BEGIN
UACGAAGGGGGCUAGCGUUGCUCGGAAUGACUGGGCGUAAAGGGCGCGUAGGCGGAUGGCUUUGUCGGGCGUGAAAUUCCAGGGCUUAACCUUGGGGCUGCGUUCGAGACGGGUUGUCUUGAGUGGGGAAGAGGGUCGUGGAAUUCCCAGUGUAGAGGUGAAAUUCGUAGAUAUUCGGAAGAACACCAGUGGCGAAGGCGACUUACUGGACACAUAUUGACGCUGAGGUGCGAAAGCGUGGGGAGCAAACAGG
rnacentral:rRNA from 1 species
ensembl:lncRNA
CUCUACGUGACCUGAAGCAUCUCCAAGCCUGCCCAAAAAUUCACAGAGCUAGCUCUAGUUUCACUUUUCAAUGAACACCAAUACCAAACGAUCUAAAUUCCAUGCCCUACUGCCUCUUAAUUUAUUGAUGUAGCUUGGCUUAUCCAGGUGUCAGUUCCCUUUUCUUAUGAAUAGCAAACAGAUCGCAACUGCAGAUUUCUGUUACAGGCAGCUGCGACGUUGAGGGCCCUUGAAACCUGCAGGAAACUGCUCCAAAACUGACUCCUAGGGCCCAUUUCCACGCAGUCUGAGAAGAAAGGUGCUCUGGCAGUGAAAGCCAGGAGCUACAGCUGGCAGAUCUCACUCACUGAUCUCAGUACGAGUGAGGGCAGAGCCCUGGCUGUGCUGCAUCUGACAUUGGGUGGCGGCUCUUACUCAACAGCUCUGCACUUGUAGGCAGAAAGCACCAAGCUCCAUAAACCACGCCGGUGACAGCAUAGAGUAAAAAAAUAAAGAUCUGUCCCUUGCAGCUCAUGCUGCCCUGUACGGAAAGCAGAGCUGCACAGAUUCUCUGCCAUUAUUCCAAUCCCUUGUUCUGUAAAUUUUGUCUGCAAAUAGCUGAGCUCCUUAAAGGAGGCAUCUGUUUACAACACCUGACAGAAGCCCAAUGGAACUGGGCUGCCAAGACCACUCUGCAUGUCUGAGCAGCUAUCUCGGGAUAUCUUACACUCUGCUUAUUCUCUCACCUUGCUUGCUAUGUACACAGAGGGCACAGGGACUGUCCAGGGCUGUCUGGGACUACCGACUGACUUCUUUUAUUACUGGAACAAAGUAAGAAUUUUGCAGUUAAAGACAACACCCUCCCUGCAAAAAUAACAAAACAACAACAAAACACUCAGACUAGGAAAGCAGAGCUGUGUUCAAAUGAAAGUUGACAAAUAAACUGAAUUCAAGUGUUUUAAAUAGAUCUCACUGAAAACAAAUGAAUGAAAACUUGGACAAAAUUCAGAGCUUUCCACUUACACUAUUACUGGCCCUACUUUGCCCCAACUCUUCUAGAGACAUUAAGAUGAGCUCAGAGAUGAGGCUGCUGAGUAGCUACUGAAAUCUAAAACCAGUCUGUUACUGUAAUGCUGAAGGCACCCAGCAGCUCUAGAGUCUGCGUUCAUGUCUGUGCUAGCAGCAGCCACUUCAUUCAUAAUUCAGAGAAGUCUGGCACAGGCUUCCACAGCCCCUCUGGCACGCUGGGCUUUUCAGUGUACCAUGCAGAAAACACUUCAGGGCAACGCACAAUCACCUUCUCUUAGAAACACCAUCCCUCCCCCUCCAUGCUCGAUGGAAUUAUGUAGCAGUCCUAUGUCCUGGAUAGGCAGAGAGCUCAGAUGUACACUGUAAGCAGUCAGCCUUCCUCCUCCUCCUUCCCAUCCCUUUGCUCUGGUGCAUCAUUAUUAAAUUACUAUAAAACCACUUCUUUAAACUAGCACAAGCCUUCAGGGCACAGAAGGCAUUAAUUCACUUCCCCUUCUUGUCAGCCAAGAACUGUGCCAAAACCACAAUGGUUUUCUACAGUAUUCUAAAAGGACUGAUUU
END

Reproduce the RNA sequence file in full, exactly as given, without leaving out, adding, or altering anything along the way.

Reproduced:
UACGAAGGGGGCUAGCGUUGCUCGGAAUGACUGGGCGUAAAGGGCGCGUAGGCGGAUGGCUUUGUCGGGCGUGAAAUUCCAGGGCUUAACCUUGGGGCUGCGUUCGAGACGGGUUGUCUUGAGUGGGGAAGAGGGUCGUGGAAUUCCCAGUGUAGAGGUGAAAUUCGUAGAUAUUCGGAAGAACACCAGUGGCGAAGGCGACUUACUGGACACAUAUUGACGCUGAGGUGCGAAAGCGUGGGGAGCAAACAGG
rnacentral:rRNA from 1 species
ensembl:lncRNA
CUCUACGUGACCUGAAGCAUCUCCAAGCCUGCCCAAAAAUUCACAGAGCUAGCUCUAGUUUCACUUUUCAAUGAACACCAAUACCAAACGAUCUAAAUUCCAUGCCCUACUGCCUCUUAAUUUAUUGAUGUAGCUUGGCUUAUCCAGGUGUCAGUUCCCUUUUCUUAUGAAUAGCAAACAGAUCGCAACUGCAGAUUUCUGUUACAGGCAGCUGCGACGUUGAGGGCCCUUGAAACCUGCAGGAAACUGCUCCAAAACUGACUCCUAGGGCCCAUUUCCACGCAGUCUGAGAAGAAAGGUGCUCUGGCAGUGAAAGCCAGGAGCUACAGCUGGCAGAUCUCACUCACUGAUCUCAGUACGAGUGAGGGCAGAGCCCUGGCUGUGCUGCAUCUGACAUUGGGUGGCGGCUCUUACUCAACAGCUCUGCACUUGUAGGCAGAAAGCACCAAGCUCCAUAAACCACGCCGGUGACAGCAUAGAGUAAAAAAAUAAAGAUCUGUCCCUUGCAGCUCAUGCUGCCCUGUACGGAAAGCAGAGCUGCACAGAUUCUCUGCCAUUAUUCCAAUCCCUUGUUCUGUAAAUUUUGUCUGCAAAUAGCUGAGCUCCUUAAAGGAGGCAUCUGUUUACAACACCUGACAGAAGCCCAAUGGAACUGGGCUGCCAAGACCACUCUGCAUGUCUGAGCAGCUAUCUCGGGAUAUCUUACACUCUGCUUAUUCUCUCACCUUGCUUGCUAUGUACACAGAGGGCACAGGGACUGUCCAGGGCUGUCUGGGACUACCGACUGACUUCUUUUAUUACUGGAACAAAGUAAGAAUUUUGCAGUUAAAGACAACACCCUCCCUGCAAAAAUAACAAAACAACAACAAAACACUCAGACUAGGAAAGCAGAGCUGUGUUCAAAUGAAAGUUGACAAAUAAACUGAAUUCAAGUGUUUUAAAUAGAUCUCACUGAAAACAAAUGAAUGAAAACUUGGACAAAAUUCAGAGCUUUCCACUUACACUAUUACUGGCCCUACUUUGCCCCAACUCUUCUAGAGACAUUAAGAUGAGCUCAGAGAUGAGGCUGCUGAGUAGCUACUGAAAUCUAAAACCAGUCUGUUACUGUAAUGCUGAAGGCACCCAGCAGCUCUAGAGUCUGCGUUCAUGUCUGUGCUAGCAGCAGCCACUUCAUUCAUAAUUCAGAGAAGUCUGGCACAGGCUUCCACAGCCCCUCUGGCACGCUGGGCUUUUCAGUGUACCAUGCAGAAAACACUUCAGGGCAACGCACAAUCACCUUCUCUUAGAAACACCAUCCCUCCCCCUCCAUGCUCGAUGGAAUUAUGUAGCAGUCCUAUGUCCUGGAUAGGCAGAGAGCUCAGAUGUACACUGUAAGCAGUCAGCCUUCCUCCUCCUCCUUCCCAUCCCUUUGCUCUGGUGCAUCAUUAUUAAAUUACUAUAAAACCACUUCUUUAAACUAGCACAAGCCUUCAGGGCACAGAAGGCAUUAAUUCACUUCCCCUUCUUGUCAGCCAAGAACUGUGCCAAAACCACAAUGGUUUUCUACAGUAUUCUAAAAGGACUGAUUU